Let’s imagine that these ethical barriers were suddenly removed, making consolidation more viable. What would happen?

The basic logic undergirding consolidation in any industry is economies of scale: if two companies can operate more efficiently as a combined entity, a merger will create value. Does law practice exhibit economies of scale? Hugh A. Simons and Nicholas Bruch believe it does not:

Markets, where rivals focus on specific segments or seek to compete through differentiation rather than on cost, tend to remain fragmented. Haute couture is an example of such a market. Law is less like commodity chemicals and more like haute couture. It’s an amalgam of distinct services offered by very different providers in settings that have widely varying balances of power between buyers and sellers. Law exhibits no economies of scale. The notion that law must consolidate is simplistic and misleading.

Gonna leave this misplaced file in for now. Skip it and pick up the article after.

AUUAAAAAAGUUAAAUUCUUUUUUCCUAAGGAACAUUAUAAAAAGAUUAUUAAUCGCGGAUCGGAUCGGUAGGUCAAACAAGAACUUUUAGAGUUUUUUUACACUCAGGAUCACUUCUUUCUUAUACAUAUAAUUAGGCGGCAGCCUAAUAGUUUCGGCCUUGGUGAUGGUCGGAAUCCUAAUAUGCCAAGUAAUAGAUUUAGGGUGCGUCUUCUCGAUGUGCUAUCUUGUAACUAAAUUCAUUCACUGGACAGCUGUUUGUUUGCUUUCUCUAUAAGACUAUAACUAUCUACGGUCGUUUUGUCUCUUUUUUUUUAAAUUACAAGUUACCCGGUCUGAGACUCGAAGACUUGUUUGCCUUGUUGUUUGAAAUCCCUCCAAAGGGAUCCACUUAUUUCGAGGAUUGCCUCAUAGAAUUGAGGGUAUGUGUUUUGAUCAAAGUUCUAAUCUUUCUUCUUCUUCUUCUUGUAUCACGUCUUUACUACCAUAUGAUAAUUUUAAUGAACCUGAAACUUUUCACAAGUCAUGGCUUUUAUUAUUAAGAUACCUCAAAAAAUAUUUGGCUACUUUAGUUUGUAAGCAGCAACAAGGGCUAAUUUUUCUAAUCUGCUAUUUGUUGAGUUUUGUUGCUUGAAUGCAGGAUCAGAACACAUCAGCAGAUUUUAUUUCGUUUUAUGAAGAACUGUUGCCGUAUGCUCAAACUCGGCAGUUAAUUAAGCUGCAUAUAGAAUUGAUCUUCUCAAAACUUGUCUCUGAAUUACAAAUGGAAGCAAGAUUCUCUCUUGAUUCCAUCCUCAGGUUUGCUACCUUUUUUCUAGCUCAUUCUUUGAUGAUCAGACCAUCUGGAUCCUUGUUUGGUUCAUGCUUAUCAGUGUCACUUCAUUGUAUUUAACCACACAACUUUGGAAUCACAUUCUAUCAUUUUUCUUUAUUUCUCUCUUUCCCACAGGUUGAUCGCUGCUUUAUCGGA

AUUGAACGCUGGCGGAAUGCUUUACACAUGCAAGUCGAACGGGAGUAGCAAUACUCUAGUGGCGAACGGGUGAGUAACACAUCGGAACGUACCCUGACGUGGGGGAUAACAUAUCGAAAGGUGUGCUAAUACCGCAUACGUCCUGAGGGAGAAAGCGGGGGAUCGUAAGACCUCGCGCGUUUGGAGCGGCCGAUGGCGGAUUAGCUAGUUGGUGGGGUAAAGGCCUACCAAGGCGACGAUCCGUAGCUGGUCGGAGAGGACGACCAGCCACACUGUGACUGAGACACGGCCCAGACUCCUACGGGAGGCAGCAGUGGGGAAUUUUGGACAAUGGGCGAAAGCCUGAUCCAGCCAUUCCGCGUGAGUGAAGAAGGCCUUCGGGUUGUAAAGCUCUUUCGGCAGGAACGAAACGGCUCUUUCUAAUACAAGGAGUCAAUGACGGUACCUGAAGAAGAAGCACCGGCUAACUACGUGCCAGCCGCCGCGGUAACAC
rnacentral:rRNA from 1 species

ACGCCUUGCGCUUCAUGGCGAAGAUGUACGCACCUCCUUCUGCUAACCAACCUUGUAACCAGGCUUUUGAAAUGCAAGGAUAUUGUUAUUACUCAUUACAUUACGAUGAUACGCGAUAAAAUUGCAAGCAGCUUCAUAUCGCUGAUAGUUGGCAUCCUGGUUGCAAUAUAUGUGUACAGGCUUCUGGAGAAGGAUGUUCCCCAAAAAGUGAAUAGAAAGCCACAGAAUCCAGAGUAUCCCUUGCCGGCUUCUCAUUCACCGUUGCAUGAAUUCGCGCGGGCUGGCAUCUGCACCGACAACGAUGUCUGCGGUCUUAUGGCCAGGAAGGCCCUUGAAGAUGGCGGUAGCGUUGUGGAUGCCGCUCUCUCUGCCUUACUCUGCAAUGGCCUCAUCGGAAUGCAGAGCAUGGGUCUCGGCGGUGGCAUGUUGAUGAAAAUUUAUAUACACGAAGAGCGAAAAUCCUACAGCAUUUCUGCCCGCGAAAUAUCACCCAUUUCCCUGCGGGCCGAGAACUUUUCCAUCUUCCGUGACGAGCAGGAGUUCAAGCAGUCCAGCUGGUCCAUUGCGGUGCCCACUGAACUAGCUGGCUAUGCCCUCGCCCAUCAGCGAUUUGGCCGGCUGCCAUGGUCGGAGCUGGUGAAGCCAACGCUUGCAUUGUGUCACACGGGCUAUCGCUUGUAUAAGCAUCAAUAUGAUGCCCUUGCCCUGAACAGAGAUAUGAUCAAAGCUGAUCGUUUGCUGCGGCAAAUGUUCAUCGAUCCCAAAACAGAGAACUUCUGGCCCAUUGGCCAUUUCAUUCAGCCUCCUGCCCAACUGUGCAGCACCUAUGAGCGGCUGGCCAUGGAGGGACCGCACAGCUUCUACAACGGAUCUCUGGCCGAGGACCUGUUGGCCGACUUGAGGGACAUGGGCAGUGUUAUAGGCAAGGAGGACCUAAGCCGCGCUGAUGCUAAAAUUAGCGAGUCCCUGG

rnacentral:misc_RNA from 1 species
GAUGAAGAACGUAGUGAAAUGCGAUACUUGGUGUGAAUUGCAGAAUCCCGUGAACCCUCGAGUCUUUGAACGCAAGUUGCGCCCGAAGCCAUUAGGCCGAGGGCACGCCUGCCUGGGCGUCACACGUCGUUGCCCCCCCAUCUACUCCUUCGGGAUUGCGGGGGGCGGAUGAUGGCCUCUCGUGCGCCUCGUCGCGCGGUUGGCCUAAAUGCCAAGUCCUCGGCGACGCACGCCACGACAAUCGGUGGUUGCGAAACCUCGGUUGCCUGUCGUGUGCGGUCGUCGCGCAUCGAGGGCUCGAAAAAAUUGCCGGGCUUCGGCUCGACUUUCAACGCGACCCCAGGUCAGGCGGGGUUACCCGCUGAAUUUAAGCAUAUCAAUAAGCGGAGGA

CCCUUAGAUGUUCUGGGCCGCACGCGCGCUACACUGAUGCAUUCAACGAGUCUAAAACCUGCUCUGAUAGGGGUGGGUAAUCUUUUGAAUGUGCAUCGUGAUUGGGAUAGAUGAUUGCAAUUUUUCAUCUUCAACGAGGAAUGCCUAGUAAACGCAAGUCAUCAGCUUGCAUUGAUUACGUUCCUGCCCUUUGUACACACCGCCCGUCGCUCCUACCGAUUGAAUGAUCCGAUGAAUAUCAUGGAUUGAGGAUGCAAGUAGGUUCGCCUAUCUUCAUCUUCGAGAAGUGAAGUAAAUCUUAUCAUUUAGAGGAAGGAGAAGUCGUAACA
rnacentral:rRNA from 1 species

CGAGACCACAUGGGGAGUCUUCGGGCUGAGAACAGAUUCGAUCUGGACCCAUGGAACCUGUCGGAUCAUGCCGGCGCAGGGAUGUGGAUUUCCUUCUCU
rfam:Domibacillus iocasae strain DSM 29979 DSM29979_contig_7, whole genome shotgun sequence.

Others commentators take a different view, arguing that law practice is suboptimally fragmented, and that the industry’s fragmentation prevents it from matching the innovation seen in other sectors. As Dan Packel recently put it:

That fragmentation matters when we get to the question of why law firms are behind the curve on innovation. No one has market share anywhere comparable to the Big Four accounting firms, who collectively audit more than 80% of U.S. publicly traded companies. And it’s no coincidence that these businesses are far ahead of law firms when it comes to improvements in process management. Their revenues give them the capacities to invest, and the lack of fragmentation makes it easier to discern what works and what doesn’t.